Dwight Eisenhower used golf in his personal life both because as an enjoyable hobby and a means of coping with the political stresses of the presidency. He had a passion for the game of golf, evident though his impressive feat of over 1,000 days of golf during his eight years in the presidential position ("1,000+ Reasons…"). He played nearly 800 rounds of golf during this period, golfing at the most well known courses in golf including Augusta National and Turnberry ("1,000+ Reasons..."). President Eisenhower rarely missed a day of practice except for the times he was physically unable to play, such as when he had a "heart attack, intestinal surgery, elbow problems, bursitis, and a stroke" (Sowell 3). He even played alongside national golf champions such as Arnold Palmer, Byron Nelson, Bobby Jones, and Ben Hogan, becoming close personal friends with many famous professional golfers. He showed immense support for the sport as he gave speeches at different golfing events ("Remarks to Representatives…"). He played so often and was so well known by the staff that a button was made for him that read, "Don't Ask What I Shot" after he complained that there "ought to be a law against asking a person what he shot" (Lewis 162). His many rounds of golf and his impressive familiarity with golf professionals and prestigious golf clubs reveal his great love for golf as a favorite hobby.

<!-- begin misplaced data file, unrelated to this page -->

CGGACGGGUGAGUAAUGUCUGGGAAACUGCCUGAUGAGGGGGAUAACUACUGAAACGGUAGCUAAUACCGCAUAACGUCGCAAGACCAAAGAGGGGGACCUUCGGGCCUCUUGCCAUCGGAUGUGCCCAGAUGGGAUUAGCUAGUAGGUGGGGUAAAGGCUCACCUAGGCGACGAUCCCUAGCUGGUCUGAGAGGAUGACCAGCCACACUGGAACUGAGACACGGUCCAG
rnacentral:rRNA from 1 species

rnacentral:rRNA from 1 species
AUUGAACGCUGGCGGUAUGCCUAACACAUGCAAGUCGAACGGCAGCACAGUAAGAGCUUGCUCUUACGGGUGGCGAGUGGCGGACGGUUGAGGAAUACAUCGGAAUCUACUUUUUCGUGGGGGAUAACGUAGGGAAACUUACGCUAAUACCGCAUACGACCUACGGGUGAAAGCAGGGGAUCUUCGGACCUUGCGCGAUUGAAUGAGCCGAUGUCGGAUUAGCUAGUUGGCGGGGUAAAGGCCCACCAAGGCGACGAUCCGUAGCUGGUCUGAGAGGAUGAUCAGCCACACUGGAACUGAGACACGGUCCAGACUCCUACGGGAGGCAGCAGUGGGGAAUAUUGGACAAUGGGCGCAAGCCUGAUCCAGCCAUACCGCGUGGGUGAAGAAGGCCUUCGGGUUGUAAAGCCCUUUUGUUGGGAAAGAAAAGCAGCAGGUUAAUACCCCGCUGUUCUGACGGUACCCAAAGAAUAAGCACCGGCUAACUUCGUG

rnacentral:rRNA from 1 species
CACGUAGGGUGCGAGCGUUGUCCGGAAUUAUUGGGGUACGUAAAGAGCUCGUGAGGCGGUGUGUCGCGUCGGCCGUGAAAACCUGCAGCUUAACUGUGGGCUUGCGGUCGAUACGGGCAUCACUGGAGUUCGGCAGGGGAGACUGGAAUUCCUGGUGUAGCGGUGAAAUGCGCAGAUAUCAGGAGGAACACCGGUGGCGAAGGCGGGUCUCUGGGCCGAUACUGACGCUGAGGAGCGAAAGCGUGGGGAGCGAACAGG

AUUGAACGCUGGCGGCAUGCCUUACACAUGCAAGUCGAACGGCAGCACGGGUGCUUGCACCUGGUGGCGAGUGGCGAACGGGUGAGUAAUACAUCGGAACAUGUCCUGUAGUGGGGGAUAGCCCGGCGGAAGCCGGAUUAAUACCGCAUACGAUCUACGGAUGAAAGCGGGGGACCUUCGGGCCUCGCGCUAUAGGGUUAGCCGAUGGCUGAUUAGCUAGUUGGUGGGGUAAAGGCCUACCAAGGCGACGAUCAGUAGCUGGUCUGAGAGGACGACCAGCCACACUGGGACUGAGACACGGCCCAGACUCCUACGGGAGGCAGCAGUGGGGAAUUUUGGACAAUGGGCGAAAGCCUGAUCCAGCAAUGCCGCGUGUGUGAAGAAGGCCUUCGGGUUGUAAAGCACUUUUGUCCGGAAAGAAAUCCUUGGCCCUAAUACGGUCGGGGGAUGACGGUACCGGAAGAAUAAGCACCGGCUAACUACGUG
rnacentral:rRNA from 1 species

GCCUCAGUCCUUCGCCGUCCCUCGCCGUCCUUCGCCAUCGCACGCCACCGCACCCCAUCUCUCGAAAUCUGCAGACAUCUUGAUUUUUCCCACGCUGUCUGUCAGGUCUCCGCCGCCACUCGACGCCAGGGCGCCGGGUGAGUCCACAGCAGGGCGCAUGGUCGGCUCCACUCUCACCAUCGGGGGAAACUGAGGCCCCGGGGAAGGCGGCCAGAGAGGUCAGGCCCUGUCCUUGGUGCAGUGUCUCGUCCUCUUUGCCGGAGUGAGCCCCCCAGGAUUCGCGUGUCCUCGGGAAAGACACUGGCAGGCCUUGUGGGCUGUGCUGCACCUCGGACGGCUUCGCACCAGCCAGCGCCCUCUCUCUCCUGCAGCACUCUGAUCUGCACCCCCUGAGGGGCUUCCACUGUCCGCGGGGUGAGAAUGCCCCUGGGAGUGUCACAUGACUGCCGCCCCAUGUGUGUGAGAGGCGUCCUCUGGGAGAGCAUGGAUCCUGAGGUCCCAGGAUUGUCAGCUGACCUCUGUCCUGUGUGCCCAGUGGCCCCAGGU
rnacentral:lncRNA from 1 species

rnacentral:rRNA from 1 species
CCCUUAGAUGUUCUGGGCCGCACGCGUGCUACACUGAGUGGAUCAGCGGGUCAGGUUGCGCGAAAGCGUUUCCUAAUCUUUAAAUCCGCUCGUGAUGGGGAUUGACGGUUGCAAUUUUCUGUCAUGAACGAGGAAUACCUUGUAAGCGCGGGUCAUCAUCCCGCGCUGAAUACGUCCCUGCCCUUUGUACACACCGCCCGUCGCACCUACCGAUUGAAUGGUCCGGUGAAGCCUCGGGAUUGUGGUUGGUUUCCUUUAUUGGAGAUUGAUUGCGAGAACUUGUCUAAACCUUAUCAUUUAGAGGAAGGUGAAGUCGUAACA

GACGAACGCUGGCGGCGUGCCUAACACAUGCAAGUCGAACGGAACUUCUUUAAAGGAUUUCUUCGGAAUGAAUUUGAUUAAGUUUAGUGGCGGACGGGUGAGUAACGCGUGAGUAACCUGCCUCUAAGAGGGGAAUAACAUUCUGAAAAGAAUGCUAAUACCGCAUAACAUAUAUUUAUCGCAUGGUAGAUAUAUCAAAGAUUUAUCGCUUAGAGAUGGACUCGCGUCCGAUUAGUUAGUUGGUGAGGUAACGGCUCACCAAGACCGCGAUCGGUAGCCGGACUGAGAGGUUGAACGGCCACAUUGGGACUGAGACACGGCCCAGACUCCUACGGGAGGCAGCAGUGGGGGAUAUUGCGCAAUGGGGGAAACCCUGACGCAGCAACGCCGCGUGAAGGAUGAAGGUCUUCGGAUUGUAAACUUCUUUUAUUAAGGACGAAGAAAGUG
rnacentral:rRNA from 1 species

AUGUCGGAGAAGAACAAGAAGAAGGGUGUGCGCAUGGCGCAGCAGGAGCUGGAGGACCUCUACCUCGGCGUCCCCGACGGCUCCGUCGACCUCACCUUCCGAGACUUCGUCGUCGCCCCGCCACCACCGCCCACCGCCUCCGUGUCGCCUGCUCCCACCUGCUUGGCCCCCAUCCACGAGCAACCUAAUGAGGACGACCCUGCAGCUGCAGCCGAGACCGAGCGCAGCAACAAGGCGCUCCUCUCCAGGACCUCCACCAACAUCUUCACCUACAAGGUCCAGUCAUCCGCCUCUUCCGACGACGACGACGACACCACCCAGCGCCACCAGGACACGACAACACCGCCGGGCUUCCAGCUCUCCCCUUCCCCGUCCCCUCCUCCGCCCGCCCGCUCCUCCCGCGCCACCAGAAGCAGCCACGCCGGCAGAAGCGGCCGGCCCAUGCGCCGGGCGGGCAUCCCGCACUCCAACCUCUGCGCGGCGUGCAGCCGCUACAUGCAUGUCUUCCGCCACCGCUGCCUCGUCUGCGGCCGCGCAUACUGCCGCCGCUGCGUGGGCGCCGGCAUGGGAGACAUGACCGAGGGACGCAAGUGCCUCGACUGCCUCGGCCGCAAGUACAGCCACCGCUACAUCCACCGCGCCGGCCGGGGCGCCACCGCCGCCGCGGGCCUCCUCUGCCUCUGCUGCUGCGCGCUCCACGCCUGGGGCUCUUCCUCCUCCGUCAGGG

At the same time, President Eisenhower used golf as a way to cope with the hardships of his presidency. In a letter to the sponsors of the PGA Championship, he stated that "golf obviously provides one of our best forms of healthful exercises, accompanied by good fellowship and companionship…. It offers healthy respite from daily toil, refreshment of body and mind" (Lewis 83). As did other presidents such as William Howard Taft, Calvin Coolidge, and Woodrow Wilson, President Dwight Eisenhower played golf to relax himself after frustrations in the White House ("First Off the Tee."). Golf offered him the opportunity to leave the Oval Office, with all its worries and frustrations, for the outdoors. It allowed him to deal with the immense pressure he faced in leading a country filled with suspicion and fear in the disillusioned aftermath of World War II. He was able to find an escape from the immense pressure of the presidency, as he was the first president faced with the possibility of nuclear war ("Ike and the Sputnik Crisis"). When playing golf, he was able to become an American citizen, not the president of the United States. Augusta National Golf Club, the prestigious golf club in Augusta, Georgia, became "a place where the Eisenhowers could feel a sense of normalcy" (Lewis 151). Eisenhower did play golf as "a form of relaxation. But it was more than that. Golf constantly tested Ike's composure and helped him endure numerous crises during his two terms in office" (Lewis 28). While enjoying the sport as a favorite hobby, President Eisenhower was able to utilize golf to rid himself of the pressures and hardships of office.